SANTA MUERTE (SAINT DEATH) is arguably one of the most interesting and enigmatic religious and magical icons to hit the Americas in recent memory.
Garbed as Mother Mary, but cast as a skeleton saint, this figure took the Americas by storm in the late 20th and early 21st century.
It is important to note that Santa Muerte is not a ‘Goddess of Death.’ Santa Muerte is a representation of Death itself—Death Herself.
Among Her devotees (whom are largely Mexican Catholics), She is often named ‘Santísima’—or, ‘Most Holy.’ Why can be explained in two-fold. (1) Devotees of Santa Muerte argue theologically that Jesus could not become the Christ if it was not for his inevitable passage into the realm of Death (Santa Muerte). (2) Among the Saint-magical working Catholics of Mexico, Santa Muerta is considered among many the MOST efficacious miracle-worker regarding real-world needs (over Mary, Michael, Anthony, all the other Saint and Angels.) Thus, it can be ironically argued that no Saint, nor Angel (in a majority candle-magic-focused religious tradition—No other Catholic icon holds a candle to the miracles available via Santa Muerte devotion.
Today, Santa Muerte is cast in a rainbow-coloring of devotionals; however, at Her impetus, She was cast in blood-red colors, and was primarily used in Love Magick. It wasn’t until later that she was cast into this multi-colored form (each color holding a different magical correspondence: Green for Money, Black for Justice, et cetera); that this very new icon of Catholic Christian Death became used for a myriad of different magical purposes and goals by Her devotees is exceptional.
Saints and Angels tend to have a specific purpose. Santa Muerte can be used for any purpose.
The notion that Most Holy Death Herself began has a token in effort for Love and Sex Magick is striking, and cannot but help but invoke the French text ‘TEARS OF EROS’ by Georges Bataille (translated by Peter Connor – City Lights); wherein Bataille nighpoetically examines the connection between death and torture (something Mexico has unfortunately become famous for in the 20th and 21st century) with ecstatic as well as transcendent sexual orgasm.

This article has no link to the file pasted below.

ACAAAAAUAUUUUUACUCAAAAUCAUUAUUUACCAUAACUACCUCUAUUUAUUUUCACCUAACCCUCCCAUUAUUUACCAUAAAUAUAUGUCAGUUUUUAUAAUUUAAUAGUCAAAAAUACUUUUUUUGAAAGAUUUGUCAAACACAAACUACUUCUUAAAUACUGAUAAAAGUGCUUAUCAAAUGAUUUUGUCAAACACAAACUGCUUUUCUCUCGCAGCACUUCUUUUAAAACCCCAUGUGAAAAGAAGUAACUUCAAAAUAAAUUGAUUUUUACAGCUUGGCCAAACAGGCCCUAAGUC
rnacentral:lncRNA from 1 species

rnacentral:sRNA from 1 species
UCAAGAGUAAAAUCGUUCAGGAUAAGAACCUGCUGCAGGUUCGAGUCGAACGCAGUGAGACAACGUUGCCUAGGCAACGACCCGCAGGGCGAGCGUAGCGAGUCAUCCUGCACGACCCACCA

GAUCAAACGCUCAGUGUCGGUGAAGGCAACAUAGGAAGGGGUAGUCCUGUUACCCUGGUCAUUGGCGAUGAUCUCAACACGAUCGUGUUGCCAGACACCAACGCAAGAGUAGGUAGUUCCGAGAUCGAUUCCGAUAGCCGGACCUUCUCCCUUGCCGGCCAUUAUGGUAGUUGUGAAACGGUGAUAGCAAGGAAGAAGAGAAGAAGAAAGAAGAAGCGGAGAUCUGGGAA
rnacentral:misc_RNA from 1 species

More on Santa Muerte from Eliott Edge & David Metcalfe:
More reading on Santa Muerte: Death and Roses: Santa Muerte, the Love Sorceress by Andrew Chesnut
Eliott Edge is an author, artist, international speaker, and internet personality operating under the moniker OddEdges. Edge has given academic presentations at The University of Melbourne, Australia (Freud and Hannibal Lecter), and the C.G. Jung Center in New York City (On Tricksters). Their films have been included in the cinema curriculum at Stevens Institute of Technology. Essays by Edge have been published by international think tanks The Institute for Ethics and Emerging Technologies, as well as The Lifeboat Foundation; where they are contributing members. Edge has been published in several collections including the The Fenris Wolf (C. Abrahamsson and Dr. V. Sinclair), The Quest for Gnosis (G. Roberts), and the underground chaos magick textbook Liber LS. Edge was also a panel moderator in London, England at the 2016 conference Psychoanalysis, Art, and the Occult. Edge was also one of the top-read writers on VR for Medium in 2018. Edge also authored the critically-acclaimed book 3 Essays on Virtual Reality: Overlords, Civilization, and Escape.
Photo by Eliott Edge and Monia Wynn
Image: Collage by Joan Pope